Reviews

1 January 2001 Melanie Jarman

Macmillan 2000, ISBN 0 333 90164 9, £12.99

“Only one thing can reverse the corporate take-over of Britain. It's you” ends Captive State and, wow,given the extent of corporate capture of public life that the book describes, what a task you will have. A long road ahead then, butat least mapped and made so much more comprehensible by Monbiot's Manifesto of Multinational Malevolence.

That's not really a fair reference - whilst the book makes compelling reading and calls for some response, Monbiot avoids painting a cliche'd picture of corporate greed and sticks to rational…

1 January 2001 Martyn Lowe

Zed Books, 2000. ISBN 1 85649 873 5 paperback, £15.95

This is a book which looks at what has traditionally been regarded as “gun running”, but which is in reality a covert aspect of many nations' foreign policy.

This covers the “small arms” (guns and rifles to you and me), which are used to fuel many of the world's civil wars. This includes arms that are also sold on, from nation to nation and from nation to insurrectionary groups, as a form of covert government activity. Plus arms which might publicly be represented as a form of aid to client states, but which are by many regarded as…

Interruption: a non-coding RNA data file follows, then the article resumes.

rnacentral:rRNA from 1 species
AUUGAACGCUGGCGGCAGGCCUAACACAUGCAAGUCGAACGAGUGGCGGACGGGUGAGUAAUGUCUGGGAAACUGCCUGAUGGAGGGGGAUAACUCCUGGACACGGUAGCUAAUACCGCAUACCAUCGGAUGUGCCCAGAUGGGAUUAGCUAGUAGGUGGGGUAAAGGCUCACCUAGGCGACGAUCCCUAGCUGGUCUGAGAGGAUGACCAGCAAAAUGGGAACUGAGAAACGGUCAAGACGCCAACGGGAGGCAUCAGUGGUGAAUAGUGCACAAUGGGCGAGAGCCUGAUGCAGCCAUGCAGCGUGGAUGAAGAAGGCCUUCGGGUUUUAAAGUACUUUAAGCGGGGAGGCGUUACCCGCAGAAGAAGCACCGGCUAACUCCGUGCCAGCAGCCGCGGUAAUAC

1 January 2001 Nicole Drouilly

Latin America Bureau, 2000. ISBN 1 899365 42 7, £11.99

History can be told in many ways,but this book does it with the naked honesty of personal testimonies, from different sides of the Colombian conflict. The wholebook is the process of meeting, listening to and speaking the truth. From the eyes and hearts of Gabriela, Daniel, Mercedes, Socorro, Laura, Antonia, Marcos, Alejandra, Ana Dolores and Angela, we get to know the lives of the displaced, the farmers, the guerrillas.

It reads like a very strange book of short stories but these tales are stark, like trees in winter: without…

1 January 2001 Sarah Irving

Firebrand Books, New York, 184pp. ISBN 1 56341 124 5. US$12.95

It's hard to know what the objective of this book is. The title and blurb make it sound like a book on women on death row. Actually, it's Kathleen O'Shea's autobiography, interspersed at paragraph intervals with excerpts from interviews with ten other women, all ofthem on death row in the USA.

When this format works it is very powerful; often it is a harrowing reminder that the social and psychological forces which result in some women - innocent or guilty - ending up on death row are absolutely the same as those which touch the…